Uber employment saga continues

2017-05-16 Jennifer Renney-Butland posted:

Uber has been dealt a further blow after a preliminary opinion from the Advocate General of the European Court of Justice decided that the company is not a digital service and should abide by national laws governing transport providers, meaning that Uber may have to obtain necessary licenses in relevant member states including the UK.

Whilst the Advocate General’s opinion is not binding, it is usually closely followed when the European Court makes its final judgment later this year.

The opinion stems from a case brought by a group of Barcelona taxi drivers called the Asociación Profesional Elite Taxi who are suing Uber for unfair competition in Barcelona’s Commercial Courts.

Currently, Uber’s drivers are not classified as employees and are free to choose their own hours. They do not need a taxi license or meter. The smartphone app operated by Uber uses GPS data for passengers to order a car.

Uber claimed this separated it from traditional taxi companies and it was instead providing ‘information society services’, but the Advocate General disagreed, saying that Uber controls the ‘economically important’ aspects of the transport service, including imposing conditions on drivers; financially rewarding them and telling them of where and when they can rely on a high volume of trips.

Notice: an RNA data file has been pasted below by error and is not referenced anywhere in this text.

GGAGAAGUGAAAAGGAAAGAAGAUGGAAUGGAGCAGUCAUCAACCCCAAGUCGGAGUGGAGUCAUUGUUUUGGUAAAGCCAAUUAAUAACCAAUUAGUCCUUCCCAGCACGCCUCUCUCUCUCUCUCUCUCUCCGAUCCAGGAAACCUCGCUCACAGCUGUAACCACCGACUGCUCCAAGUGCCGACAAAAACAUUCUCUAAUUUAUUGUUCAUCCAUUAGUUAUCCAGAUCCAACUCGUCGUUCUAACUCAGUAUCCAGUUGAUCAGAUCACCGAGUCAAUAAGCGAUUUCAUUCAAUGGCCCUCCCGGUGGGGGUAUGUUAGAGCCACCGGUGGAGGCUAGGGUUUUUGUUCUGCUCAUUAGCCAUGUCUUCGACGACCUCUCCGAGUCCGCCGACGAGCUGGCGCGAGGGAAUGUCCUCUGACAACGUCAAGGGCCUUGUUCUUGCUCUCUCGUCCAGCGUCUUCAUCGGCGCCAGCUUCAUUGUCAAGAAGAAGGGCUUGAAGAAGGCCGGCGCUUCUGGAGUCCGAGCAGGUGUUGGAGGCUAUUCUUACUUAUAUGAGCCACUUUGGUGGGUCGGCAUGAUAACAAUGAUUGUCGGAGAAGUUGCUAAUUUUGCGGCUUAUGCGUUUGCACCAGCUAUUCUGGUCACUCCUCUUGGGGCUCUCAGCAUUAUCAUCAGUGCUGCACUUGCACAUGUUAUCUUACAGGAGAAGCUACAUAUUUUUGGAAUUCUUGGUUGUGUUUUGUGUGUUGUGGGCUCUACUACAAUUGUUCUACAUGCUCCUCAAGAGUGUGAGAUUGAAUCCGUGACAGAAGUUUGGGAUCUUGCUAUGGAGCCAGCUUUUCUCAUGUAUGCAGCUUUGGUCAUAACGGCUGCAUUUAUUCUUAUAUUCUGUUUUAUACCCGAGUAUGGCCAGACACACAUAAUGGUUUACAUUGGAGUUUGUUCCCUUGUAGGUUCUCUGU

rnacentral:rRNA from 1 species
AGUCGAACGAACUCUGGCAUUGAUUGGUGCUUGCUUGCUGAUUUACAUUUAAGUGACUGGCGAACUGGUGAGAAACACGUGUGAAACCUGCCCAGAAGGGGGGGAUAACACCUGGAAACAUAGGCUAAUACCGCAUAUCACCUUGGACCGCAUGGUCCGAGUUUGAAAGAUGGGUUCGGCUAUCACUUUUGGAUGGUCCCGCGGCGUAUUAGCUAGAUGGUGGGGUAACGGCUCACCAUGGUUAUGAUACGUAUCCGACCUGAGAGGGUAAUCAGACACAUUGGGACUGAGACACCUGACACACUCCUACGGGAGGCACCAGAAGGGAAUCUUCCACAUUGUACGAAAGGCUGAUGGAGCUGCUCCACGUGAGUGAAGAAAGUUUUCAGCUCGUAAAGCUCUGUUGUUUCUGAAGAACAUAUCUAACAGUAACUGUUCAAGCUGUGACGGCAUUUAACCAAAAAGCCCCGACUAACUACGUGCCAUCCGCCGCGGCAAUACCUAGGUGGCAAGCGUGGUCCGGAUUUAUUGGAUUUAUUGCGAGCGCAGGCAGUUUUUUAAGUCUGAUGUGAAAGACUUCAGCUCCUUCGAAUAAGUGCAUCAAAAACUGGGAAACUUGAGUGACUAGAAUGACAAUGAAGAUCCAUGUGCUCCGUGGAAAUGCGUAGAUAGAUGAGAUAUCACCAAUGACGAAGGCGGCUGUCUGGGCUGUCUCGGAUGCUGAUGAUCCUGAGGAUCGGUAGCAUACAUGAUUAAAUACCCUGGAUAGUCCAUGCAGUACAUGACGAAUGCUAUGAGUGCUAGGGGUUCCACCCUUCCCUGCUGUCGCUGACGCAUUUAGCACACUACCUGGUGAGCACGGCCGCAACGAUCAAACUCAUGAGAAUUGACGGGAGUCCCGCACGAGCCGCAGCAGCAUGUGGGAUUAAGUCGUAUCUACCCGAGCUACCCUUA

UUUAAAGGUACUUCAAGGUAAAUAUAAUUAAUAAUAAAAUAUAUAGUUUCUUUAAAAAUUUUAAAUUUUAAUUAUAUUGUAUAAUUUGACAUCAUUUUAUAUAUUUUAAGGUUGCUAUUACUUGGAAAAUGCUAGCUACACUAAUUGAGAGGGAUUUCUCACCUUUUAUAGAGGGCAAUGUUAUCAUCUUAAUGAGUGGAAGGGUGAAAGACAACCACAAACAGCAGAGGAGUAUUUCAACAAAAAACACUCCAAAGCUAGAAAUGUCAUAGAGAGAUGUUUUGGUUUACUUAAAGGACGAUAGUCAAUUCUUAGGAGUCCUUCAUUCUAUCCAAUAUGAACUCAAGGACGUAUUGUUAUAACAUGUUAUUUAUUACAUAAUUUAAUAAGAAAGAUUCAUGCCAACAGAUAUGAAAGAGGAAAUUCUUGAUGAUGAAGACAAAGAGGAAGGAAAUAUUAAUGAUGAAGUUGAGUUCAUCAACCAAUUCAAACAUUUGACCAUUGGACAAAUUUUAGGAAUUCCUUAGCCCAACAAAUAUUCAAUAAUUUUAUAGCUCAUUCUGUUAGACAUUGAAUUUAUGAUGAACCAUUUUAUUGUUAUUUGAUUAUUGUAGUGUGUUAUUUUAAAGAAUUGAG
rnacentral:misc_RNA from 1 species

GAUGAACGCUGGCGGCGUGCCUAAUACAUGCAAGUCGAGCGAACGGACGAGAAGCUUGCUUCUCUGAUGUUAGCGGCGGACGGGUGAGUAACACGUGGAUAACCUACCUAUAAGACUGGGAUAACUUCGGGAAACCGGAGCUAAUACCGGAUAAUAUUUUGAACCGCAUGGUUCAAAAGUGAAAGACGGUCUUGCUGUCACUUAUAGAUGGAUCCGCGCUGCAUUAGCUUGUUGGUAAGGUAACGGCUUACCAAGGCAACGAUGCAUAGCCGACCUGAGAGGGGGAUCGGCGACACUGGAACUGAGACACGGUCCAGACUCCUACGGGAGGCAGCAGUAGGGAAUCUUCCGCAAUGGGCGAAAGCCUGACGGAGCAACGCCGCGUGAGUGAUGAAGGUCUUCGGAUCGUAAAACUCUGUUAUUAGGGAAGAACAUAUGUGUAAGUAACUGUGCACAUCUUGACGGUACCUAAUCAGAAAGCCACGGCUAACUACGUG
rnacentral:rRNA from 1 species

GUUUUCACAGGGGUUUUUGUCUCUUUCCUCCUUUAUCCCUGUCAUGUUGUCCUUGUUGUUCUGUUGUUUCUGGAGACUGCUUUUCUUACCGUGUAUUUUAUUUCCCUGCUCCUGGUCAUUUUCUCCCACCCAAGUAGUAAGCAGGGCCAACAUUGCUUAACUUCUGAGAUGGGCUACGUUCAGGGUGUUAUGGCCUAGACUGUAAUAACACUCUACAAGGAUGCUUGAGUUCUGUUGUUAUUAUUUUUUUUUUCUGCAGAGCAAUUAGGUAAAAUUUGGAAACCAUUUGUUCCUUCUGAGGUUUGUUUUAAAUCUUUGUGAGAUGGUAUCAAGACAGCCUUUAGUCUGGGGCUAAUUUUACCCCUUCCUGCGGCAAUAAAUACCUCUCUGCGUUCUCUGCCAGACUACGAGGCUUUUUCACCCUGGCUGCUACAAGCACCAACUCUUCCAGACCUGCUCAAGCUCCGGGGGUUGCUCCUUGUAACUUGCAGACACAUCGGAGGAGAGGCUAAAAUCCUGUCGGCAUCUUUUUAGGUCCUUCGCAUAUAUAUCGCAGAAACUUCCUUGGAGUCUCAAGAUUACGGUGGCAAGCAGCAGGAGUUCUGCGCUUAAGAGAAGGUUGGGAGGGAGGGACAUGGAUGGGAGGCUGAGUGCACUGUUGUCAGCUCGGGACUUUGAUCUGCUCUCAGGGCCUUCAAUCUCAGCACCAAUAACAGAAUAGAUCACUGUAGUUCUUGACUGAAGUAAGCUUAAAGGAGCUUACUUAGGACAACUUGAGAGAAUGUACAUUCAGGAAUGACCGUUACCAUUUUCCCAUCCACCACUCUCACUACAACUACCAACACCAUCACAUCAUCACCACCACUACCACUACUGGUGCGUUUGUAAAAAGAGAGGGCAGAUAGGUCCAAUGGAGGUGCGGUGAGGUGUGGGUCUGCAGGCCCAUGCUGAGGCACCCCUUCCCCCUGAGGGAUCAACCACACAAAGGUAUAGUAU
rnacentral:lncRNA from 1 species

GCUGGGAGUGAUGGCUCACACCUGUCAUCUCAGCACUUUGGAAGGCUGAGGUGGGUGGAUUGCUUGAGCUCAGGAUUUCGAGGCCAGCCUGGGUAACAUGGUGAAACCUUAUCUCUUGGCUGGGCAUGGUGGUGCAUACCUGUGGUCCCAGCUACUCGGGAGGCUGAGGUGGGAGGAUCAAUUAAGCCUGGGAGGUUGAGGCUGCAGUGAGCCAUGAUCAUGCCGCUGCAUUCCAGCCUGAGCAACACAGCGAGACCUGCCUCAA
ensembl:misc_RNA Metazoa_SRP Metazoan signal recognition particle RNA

It remains to be seen whether Uber drivers will require licenses and whether they will ultimately acquire employee status. No doubt employers and employees, not to mention the paying public, will be watching these developments with interest.

If you have further questions regarding this topic do not hesitate to contact us at 01225 632240 or email info@renneyandco.com.

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